A drummer in a box for the norns sound computer.

Based on Mutable Instruments Grids by Émilie Gillet and Step by @jah and Playfair by @tehn

![Cyrene-landing 614x307,50%](https://github.com/21echoes/cyrene/raw/master/screenshots/landing.png)
![Cyrene-swing 614x307,50%](https://github.com/21echoes/cyrene/raw/master/screenshots/swing.png)
![Cyrene-pattern-and-density 614x307,50%](https://github.com/21echoes/cyrene/raw/master/screenshots/pattern-and-density.png)

While I love the sample sequencers for norns, I’m also sometimes lazy. I typically use them for drumming while I play another instrument, and I don’t want to write a new drum part from scratch to start jamming. Mutable Instruments Grids comes with around 65,025 preset kick, snare, and hi-hat patterns (derived from the interpolation of 25 patterns, with those patterns derived from analysis of a huge drum pattern data set). They are organized such that similar rhythms are positioned near each other in a two-dimentional grid, and the musician is able to select a position in that grid (and change that selection over time).

In Cyrene, these rhythms are then fed into a sample based, monome grid-enabled step sequencer using the Ack engine, based originally on the Step script. There is also a euclidean trigger generator available for each track, based on Playfair by tehn. If you have a grid, you can then edit the pattern coming from the Mutable Instruments Grids algorithm as you see fit, add additional tracks (MI Grids only supports kick, snare, hi-hat), and other fun stuffs.

And yes, this means that we now have Grids for grid :wink:

Oh and if you’re wondering about the name: I thought calling it “Grids” would get way too confusing what with the monome grid and all, so it’s named after Eratosthenes of Cyrene, the ancient greek polymath who is generally credited with inventing a grid-based system for mapping the world (what we now call latitude and longitude).



Landing page:

Swing page:

So what are the swing “types” and “feels”? The two swing types are “percentage-based” and “tuplet-based”.

Percentage-based swing is a common setting on most drum machines: the beat is divided evenly by default (in Cyrene, is called “0%”), and as you dial up the percentage, the beat is divided unevenly as per your percentage selection (in Cyrene, this is scaled to max out at 7/8ths of a beat at “100%”). This algorithm either runs as “8th note swing” (making 8th notes uneven but leaving quarter notes alone), or “16th note swing” (making 16th notes uneven but leaving 8th notes alone).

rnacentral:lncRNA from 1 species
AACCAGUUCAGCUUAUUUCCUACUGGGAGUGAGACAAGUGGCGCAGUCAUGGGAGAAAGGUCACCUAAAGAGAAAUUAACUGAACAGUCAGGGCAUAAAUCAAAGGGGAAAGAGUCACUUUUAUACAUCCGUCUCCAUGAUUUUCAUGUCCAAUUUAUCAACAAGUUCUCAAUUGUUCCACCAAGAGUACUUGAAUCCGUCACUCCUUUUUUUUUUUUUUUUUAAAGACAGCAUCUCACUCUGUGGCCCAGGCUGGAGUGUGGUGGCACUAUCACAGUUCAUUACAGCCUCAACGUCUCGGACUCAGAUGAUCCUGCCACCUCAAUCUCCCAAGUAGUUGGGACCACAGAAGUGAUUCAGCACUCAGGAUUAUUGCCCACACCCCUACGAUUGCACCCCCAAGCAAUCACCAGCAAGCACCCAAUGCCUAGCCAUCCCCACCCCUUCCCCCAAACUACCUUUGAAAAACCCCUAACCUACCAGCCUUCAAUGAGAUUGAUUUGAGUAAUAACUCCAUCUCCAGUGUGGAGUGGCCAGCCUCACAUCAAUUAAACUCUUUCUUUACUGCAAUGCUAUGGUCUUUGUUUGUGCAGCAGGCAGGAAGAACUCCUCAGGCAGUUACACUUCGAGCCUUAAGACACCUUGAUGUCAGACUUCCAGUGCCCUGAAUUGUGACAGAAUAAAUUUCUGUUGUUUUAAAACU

Tuplet-based swing in Cyrene is different. Rather than making two-note pairs at the 8th- or 16th-note level unevenly split, it re-divides the whole beat into N equal parts (a “tuplet”), then spreads out the triggers differently across those N equal parts according to different rules (called “feels”). For example, with a 7-tuplet “drunk” feel, each beat is subdivided as 2-2-2-1. With a 9-tuplet “clave” feel, every 2 beats is divided as 2-3-2-2 3-2-2-2 (or, more idiomatically for clave, 2-3-2 2-3-2 2-2). With 6 different tuples and 4 different feels, you have 24 different ways to spice up your rhythms in ways that you just can’t get with most drum machines.

Pattern & Density page:

More Densities page:

Euclidean page:

Euclidean Rhythms

Grid (optional)

Crow (optional)

Arc (optional)



Latest version: v1.8.0 (252efb4) Install by visiting http://norns.local/maiden when your norns is on WiFi and typing

;install https://github.com/21echoes/cyrene.git

into the command entry box at the bottom of the screen.

Also available as a direct download. Unzip it, rename the folder to just “cyrene”, and put the whole folder onto your norns inside the /home/we/dust/code folder

github: https://github.com/21echoes/cyrene


For feature requests and bug reports, discuss over on lines